Women of childbearing potential must use contraceptive measures during treatment with rufinamide. Physicians should try to ensure that appropriate contraception is used, and should use clinical judgment when assessing whether oral contraceptives, or the doses of the oral contraceptive components, are adequate based on the individual patients clinical situation (see Precautions).
If women treated with rufinamide plan to become pregnant, the indication of this product should be carefully weighed. During pregnancy, an effective antiepileptic rufinamide treatment must not be interrupted, since the aggravation of the illness is detrimental to both the mother and the foetus.
Use in Lactation: It is not known if rufinamide is excreted in human breast milk. Due to the potential harmful effects for the breast fed infant, breast-feeding should be avoided during maternal treatment with rufinamide.
Summary of the Safety Profile:
The clinical development program has included over 1,900 patients, with different types of epilepsy, exposed to rufinamide. The most commonly reported adverse reactions overall were headache, dizziness, fatigue, and somnolence. The most common adverse reactions observed at a higher incidence than placebo in patients with Lennox-Gastaut syndrome were somnolence and vomiting. Adverse reactions were usually mild to moderate in severity. The discontinuation rate in Lennox-Gastaut syndrome due to adverse reactions was 8.2% for patients receiving rufinamide and 0% for patients receiving placebo. The most common adverse reactions resulting in discontinuation from the rufinamide treatment group were rash and vomiting.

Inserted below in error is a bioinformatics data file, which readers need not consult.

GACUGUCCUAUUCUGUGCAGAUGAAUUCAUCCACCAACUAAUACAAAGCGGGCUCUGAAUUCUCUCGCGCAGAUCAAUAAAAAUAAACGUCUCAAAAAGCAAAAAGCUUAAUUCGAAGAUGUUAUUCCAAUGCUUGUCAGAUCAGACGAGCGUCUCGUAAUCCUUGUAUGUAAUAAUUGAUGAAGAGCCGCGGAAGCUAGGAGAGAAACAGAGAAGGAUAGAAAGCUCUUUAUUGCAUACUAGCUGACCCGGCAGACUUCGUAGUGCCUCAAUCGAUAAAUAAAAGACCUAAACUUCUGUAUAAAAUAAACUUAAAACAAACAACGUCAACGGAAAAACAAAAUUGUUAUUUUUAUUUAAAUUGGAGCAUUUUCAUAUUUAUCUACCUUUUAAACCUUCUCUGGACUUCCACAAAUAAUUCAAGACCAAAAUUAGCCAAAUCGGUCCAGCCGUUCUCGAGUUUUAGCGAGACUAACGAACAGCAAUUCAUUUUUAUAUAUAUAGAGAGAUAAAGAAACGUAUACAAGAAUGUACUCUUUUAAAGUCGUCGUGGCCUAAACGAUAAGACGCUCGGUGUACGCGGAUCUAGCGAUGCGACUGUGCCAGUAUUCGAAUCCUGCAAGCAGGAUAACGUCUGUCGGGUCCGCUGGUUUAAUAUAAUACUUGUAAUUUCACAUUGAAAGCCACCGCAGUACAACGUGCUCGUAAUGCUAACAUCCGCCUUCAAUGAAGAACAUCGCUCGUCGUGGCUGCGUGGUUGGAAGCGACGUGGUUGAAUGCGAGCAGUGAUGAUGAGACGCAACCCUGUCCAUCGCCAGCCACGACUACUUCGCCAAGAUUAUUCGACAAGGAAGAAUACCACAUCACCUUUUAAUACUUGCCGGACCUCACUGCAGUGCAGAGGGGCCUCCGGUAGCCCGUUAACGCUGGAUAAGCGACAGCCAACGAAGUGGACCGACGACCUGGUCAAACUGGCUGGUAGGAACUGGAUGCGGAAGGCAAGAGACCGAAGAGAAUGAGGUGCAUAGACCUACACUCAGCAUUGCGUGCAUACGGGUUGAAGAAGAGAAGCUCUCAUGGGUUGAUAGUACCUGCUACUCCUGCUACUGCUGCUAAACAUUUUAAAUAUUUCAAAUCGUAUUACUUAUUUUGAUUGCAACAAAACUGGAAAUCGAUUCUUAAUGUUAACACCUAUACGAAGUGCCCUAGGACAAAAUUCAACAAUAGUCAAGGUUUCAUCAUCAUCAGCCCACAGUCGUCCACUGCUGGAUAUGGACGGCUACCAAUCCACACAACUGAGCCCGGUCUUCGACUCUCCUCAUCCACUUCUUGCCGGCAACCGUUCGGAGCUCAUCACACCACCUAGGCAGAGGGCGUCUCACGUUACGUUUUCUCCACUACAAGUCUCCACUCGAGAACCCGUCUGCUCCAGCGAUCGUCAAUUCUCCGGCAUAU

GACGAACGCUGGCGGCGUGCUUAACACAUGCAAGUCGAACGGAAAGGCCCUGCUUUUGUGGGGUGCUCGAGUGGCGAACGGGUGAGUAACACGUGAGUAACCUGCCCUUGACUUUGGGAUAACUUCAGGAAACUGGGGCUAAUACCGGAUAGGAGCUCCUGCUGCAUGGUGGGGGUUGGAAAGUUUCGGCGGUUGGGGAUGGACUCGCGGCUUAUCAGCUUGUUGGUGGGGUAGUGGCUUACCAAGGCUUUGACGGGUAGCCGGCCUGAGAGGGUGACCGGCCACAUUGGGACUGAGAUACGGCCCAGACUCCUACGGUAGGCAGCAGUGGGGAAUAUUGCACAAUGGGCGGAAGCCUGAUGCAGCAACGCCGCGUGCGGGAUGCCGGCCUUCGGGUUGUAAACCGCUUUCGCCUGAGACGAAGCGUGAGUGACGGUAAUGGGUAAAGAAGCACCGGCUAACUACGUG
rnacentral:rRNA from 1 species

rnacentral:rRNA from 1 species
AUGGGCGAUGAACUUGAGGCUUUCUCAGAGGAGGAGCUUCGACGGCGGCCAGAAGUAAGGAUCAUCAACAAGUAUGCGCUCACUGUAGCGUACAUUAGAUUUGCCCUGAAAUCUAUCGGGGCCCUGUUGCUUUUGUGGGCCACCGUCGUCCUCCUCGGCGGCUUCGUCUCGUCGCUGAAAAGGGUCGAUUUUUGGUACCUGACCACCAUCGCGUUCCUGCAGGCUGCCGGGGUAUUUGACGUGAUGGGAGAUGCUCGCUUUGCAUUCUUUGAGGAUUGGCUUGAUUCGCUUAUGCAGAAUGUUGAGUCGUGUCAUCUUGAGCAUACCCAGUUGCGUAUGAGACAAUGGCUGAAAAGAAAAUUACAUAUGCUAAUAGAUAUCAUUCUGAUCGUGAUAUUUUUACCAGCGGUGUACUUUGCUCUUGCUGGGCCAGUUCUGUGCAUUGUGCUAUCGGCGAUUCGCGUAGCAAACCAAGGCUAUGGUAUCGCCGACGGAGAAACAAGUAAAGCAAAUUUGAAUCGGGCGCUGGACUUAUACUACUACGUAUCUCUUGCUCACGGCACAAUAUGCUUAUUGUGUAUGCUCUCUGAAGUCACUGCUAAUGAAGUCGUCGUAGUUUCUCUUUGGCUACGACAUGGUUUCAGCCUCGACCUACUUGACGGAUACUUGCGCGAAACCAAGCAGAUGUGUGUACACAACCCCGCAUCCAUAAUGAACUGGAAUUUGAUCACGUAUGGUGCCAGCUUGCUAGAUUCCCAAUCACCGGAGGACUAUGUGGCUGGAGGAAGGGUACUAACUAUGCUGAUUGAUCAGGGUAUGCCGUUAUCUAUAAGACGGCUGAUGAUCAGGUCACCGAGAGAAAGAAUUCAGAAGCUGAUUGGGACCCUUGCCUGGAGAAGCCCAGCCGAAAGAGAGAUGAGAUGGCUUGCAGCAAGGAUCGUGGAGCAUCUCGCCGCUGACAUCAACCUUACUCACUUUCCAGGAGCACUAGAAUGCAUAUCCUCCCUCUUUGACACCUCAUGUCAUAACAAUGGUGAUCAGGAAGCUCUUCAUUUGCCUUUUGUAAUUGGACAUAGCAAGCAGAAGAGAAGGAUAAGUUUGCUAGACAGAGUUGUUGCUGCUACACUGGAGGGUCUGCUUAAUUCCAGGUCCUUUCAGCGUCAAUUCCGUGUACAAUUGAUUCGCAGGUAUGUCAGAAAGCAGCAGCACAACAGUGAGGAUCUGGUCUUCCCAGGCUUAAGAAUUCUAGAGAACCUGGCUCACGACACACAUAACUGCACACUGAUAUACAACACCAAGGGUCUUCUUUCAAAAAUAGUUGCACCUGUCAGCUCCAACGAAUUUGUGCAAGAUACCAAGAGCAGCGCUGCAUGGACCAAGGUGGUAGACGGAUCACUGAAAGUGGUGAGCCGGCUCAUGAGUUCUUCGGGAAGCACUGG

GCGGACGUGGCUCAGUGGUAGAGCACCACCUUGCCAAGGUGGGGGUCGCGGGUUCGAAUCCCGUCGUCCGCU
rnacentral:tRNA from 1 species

Tabulated List of Adverse Reactions:
Adverse reactions reported with an incidence greater than placebo, during the Lennox-Gastaut syndrome double-blind studies or in the overall rufinamide-exposed population, are listed in the table below by MedDRA preferred term, system organ class and by frequency.
Frequencies are defined as: very common (≥1/10), common (≥1/100 <1/10), uncommon (≥1/1,000 <1/100), rare (≥1/10,000 to <1/1,000). (See Table 2.)
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Reporting of Suspected Adverse Reactions:
Reporting suspected adverse reactions after authorisation of the medicinal product is important. It allows continued monitoring of the benefit/risk balance of the medicinal product. Healthcare professionals are asked to report any suspected adverse reactions.